Rain or shine, there is never a bad time to celebrate progress, and not even a torrential downpour could keep the community away from Scarborough High School last week as the school commemorated a milestone several years in the making.
On March 29, hundreds were on hand to witness Scarborough break ground on renovations approved under a 2012 bond program, officially accepting $12.6 million for improvements to existing facilities to bring the campus into the modern era.
Though Scarborough is proud of its history, maintaining the infrastructure of a school can be just as grueling as, say, a daily exercise regimen. No matter the effort, time takes its toll, and things change, and Principal Diego Linares said the time had simply come for Scarborough to reinvent itself.
“Maintaining a school is very much like going the gym. You try to keep in shape, but age takes its course—things start to degrade and start to look different. The same things happen with buildings,” he said.
Enter Houston ISD Trustee Anna Eastman, who HISD Chief of Schools Steven Gutierrez said was the loudest voice in talking up Scarborough and its students as deserving recipients.
“We have a future generation of Spartans that are going to be proud to call this their home,” he said. “Thank you (Anna Eastman) for having the courage and foresight to say that our students deserve the best schools, and that our schools will be the model for other schools in the 21st century.”
Among the improvements to come are a new 13,000 square-foot JROTC building; classroom renovations and technology upgrades; improvements to athletics fields and a tennis court; and a new secure welcome center that will become the focal point at the front of the campus.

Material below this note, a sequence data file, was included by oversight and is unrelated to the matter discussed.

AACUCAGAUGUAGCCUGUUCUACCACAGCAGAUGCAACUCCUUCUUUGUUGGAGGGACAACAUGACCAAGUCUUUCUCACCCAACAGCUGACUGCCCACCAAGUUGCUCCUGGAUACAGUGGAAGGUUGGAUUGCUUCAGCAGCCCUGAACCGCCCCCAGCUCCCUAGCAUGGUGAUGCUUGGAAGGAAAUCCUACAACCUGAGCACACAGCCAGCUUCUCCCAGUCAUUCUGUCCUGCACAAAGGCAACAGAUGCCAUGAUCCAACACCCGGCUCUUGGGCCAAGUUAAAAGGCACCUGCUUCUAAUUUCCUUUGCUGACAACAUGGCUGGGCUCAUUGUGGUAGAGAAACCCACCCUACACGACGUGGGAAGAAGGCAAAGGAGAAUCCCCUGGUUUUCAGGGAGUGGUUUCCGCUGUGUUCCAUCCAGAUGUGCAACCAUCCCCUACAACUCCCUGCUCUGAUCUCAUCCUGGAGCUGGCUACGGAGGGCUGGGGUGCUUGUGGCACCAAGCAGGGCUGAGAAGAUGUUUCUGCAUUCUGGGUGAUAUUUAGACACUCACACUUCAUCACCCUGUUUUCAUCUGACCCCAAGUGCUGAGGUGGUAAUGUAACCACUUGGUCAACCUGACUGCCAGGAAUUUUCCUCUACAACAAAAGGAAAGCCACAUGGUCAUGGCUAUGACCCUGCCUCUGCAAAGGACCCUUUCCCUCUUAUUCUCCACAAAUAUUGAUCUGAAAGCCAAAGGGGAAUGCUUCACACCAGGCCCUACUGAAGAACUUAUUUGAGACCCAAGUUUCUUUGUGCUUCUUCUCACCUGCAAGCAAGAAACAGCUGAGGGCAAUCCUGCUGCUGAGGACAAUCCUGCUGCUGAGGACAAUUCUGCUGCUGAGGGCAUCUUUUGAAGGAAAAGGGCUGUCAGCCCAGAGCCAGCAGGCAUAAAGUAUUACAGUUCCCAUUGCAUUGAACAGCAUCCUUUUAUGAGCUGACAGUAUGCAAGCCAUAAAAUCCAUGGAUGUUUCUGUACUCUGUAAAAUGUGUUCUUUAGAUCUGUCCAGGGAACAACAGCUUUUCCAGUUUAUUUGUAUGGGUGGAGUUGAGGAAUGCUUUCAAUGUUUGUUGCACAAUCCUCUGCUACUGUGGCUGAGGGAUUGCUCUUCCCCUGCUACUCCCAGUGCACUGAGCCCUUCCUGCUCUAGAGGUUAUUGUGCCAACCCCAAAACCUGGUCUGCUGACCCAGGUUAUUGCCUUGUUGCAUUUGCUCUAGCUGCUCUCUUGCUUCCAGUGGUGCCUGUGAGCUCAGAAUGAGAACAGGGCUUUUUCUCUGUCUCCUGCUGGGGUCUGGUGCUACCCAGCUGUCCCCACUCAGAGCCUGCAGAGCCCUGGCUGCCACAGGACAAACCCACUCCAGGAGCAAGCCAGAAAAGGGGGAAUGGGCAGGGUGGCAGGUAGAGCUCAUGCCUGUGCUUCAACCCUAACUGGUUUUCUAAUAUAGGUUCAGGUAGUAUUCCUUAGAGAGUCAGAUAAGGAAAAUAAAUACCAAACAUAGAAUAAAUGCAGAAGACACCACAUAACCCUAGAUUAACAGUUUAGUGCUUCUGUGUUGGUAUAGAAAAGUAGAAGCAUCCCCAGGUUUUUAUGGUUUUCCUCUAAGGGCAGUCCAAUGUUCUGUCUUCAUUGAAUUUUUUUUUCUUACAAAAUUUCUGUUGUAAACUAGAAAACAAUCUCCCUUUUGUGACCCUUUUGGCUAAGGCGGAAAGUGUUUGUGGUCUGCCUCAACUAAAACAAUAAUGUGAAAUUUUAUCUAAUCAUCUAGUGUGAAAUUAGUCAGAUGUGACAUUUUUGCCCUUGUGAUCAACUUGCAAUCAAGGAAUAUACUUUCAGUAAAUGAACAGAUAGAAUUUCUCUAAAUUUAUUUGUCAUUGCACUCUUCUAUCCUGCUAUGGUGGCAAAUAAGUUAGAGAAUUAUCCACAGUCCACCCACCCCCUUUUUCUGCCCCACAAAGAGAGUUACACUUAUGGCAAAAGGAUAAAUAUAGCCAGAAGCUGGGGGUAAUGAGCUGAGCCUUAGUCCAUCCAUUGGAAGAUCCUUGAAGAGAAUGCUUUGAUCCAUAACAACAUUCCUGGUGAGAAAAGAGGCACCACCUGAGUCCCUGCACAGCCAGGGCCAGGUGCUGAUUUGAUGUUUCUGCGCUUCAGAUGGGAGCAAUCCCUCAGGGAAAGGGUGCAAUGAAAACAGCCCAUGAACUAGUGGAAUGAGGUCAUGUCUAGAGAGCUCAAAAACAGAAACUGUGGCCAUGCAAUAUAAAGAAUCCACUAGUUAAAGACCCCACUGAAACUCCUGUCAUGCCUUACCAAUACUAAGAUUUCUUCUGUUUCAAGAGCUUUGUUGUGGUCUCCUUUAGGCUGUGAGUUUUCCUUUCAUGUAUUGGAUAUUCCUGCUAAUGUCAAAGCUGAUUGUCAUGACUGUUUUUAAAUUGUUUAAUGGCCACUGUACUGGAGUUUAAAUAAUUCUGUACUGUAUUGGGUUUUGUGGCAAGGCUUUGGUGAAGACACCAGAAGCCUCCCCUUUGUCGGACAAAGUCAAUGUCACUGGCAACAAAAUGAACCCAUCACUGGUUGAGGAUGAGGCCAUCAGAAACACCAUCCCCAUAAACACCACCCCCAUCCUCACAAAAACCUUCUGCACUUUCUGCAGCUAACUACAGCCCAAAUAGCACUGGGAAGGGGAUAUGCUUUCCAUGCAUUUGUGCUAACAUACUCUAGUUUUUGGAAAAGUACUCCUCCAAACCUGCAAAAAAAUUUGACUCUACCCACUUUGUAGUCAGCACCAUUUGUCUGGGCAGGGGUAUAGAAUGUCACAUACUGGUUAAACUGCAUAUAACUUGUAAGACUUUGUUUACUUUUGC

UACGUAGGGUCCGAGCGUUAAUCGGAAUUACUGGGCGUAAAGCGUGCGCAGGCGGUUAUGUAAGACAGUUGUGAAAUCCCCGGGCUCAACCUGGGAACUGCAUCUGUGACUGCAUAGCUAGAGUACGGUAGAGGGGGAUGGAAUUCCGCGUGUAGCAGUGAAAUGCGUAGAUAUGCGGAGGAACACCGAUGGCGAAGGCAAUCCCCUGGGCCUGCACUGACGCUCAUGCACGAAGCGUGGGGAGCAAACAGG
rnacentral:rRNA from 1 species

Eastman herself was on hand Wednesday, and raved about the upcoming improvements.
“Every time I walk into this auditorium, I am amazed. It is a beautiful space and a historic space,” she said. “To know it’s getting a $13 million facelift is exciting. It’s exciting to know we’re accepting this help so that students will have brick and mortar, state of the art spaces to do the things they love doing.”
A renovation is not about the money, recognition or notoriety, but improving students’ futures and providing tools to be at their disposal, whatever their strengths may be — and all on hand spoke to such a sentiment.
“We are a school that builds on the strengths of our students rather than focusing on their deficits,” Linares said. “We view failure as a temporary bother rather than a permanent state, and we’re now on the verge of a building that will meet all our students’ needs.”
Gutierrez recalled a visit to the school just weeks prior which cemented the notion that all Scarborough needed was an exterior facelift to reflect the beauty of those walking within its halls.
“It might be easy to say ‘Oh it’s just a building.’ But let me tell you something — it’s about the people, it’s about you. It’s about those inside this school who make it so great,” he said. “We left here amazed with the people, the leadership team, the questions teachers were asking and the responses we were getting.”
“You guys are doing the hard work here at Scarborough to build upon the children’s strengths,” Eastman added. “It’s something I’m proud of, I can’t wait to see the space take shape.”